Fast forward 40 years, I have not regretted remaining in architecture as it has shown me the world. I have worked in Oklahoma, NY, LA then Taipei. I was always able to keep my hands in clay and look forward to spending more time with clay as I get older.
I consider myself a serious student of clay. Every place I have lived in has offered different types of clay with different work conditions. In Taiwan I was limited to electric kilns, which was not my first choice but I gradually learned to come to terms with it. Two years ago I decided I wanted to go back to gas-fired kilns and thanks to the help of a potter friend Jack Doherty, I managed to build a gas-fired ‘soda’ kiln on my roof. After 12 months of planning I built a 1 cubic meter beast of a kiln. I had built and fired many high temperature gas kilns but never a soda kiln.
Soda firing means taking the kiln up to a temperature of about 1200 C, then introducing bicarbonate of soda in liquid form, which interacts with the clay and slips in unexpected ways. The process is 10 times more difficult to control than normal gas firing. After my 5th firing, I now have a pretty good list of things not to do. Hopefully, after 5 more firings I will have a reasonable list of things to do. Firing a cubic meter soda kiln offers a physical challenge that I did not plan for. However it is all part of the learning process, and I expect to make pots until the day I die, if it doesn’t kill me first.
I grew up in Calcutta, a densely populated city where the entire spectrum of human experience was in plain sight everywhere you looked. From a very early age i found joy in art and painted every chance i got. It was a way to connect with my inner self and provided an escape from the sadness and misery around me. I could not fix what i saw, but i could create something beautiful.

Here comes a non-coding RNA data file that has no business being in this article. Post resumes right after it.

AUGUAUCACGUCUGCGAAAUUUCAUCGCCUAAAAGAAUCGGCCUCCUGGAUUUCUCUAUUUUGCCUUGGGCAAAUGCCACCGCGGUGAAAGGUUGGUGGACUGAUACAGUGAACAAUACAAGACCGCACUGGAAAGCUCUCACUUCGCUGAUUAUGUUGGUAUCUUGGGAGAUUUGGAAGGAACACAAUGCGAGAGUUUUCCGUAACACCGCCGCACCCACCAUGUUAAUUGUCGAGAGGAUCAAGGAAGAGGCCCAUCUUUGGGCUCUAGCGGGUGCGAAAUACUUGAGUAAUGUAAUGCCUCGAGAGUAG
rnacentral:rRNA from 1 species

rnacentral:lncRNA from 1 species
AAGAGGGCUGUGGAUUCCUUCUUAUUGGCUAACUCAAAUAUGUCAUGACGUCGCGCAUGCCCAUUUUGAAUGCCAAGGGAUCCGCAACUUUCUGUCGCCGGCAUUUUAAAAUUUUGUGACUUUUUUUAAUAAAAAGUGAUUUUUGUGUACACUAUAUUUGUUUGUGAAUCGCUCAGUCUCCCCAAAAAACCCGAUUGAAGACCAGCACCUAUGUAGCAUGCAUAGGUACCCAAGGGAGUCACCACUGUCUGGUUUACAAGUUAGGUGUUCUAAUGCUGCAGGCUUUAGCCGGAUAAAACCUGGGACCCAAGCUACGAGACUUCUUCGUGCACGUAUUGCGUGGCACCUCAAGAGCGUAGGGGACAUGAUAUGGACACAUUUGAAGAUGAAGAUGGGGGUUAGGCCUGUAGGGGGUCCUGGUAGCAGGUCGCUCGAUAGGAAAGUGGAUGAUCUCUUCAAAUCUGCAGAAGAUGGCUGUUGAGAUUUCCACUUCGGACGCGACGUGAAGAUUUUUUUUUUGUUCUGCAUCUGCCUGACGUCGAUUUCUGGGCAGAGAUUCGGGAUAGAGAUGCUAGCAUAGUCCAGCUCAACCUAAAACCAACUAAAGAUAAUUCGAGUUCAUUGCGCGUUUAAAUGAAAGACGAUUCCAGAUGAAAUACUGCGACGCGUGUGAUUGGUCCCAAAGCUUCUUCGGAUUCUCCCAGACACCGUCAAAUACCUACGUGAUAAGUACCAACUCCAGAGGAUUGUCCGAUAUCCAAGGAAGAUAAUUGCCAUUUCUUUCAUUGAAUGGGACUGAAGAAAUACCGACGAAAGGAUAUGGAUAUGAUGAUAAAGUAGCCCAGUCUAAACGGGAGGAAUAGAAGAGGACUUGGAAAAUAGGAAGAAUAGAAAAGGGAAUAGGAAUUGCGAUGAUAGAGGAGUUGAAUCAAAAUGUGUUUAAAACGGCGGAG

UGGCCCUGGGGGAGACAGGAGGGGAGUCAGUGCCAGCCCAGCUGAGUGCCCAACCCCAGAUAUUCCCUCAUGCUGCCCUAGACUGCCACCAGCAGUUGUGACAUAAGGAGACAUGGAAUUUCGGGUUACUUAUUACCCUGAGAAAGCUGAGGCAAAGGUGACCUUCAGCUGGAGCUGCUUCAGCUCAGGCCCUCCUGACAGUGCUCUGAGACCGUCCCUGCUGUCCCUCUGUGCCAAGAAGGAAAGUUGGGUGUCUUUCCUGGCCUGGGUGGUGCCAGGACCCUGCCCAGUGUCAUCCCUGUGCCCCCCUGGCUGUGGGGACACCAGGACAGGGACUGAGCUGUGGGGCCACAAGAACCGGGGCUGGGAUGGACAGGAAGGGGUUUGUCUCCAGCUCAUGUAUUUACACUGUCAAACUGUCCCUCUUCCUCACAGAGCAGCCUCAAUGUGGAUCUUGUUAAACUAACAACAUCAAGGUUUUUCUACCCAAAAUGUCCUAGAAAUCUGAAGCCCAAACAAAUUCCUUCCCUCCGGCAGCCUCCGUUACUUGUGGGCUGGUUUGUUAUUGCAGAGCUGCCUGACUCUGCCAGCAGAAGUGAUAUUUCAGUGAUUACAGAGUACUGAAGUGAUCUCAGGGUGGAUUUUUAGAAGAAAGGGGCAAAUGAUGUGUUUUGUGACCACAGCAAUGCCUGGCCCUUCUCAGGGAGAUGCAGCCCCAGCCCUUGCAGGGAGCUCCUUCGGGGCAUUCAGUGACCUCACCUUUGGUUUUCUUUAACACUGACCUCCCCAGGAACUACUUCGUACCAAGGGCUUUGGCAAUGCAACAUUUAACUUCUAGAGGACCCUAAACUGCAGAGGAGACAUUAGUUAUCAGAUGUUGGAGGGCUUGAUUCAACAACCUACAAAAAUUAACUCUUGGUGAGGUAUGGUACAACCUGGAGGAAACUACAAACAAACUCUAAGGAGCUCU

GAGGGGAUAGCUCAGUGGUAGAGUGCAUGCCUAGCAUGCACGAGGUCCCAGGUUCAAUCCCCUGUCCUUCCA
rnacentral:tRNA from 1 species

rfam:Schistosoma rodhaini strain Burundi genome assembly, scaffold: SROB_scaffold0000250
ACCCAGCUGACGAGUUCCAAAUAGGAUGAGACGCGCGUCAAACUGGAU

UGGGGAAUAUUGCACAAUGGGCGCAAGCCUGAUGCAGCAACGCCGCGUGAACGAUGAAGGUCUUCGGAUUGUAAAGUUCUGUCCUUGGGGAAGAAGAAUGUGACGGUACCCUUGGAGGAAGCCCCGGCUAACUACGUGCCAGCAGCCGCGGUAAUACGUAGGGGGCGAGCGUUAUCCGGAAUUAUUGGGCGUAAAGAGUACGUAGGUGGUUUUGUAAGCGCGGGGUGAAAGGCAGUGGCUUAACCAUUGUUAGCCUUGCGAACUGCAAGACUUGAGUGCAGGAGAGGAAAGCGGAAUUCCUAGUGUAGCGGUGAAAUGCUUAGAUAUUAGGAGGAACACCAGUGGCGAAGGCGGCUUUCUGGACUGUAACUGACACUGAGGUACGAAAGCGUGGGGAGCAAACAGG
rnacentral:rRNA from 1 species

I decided to study graphic design in college so that i could ensure a living while continuing to paint in my free time. Art and design merged as the years went by and became a way of seeing and understanding the world around me.
My art is a collection of episodes that afford glimpses into moments of clarity and have been essential in my journey.
Portraits, lines and shapes, energy, colours, all blend and become the lens through which I see the world. Art gives me the insights I need to understanding the world I have chosen to live in. India remains the vibrant inspiration, the chaos of my soul and my palette. It disturbs my senses and calls me to become involved. Taiwan brings order to the chaos of things beyond my control. Helps me linger longer in the creative space.
with the first brush stroke
the canvas becomes the master
and leads me through a spirit journey.
i remain receptive as thoughts unscramble and a story unfolds on a living canvas.
inspired by the energy of india,
the spirit of taiwan,
the beauty of our planet,
the embrace of its people.
Roma Mehta is originally from India. A graphic designer, an artist, and a committed community member, she has made Taiwan her home since 1987.
Visual Dialogues 藝術對畫
between people, spaces and ideas
Two artists from different cultures with be featured in a monthly art show at the Red Room International Village, opening on the first Sunday of each month.
Tuesdays, Thursdays, Saturdays, Sundays 3pm-7pm
TAF LIBRARY 2F No. 177, Sec.1, Jianguo S. Rd, Taipei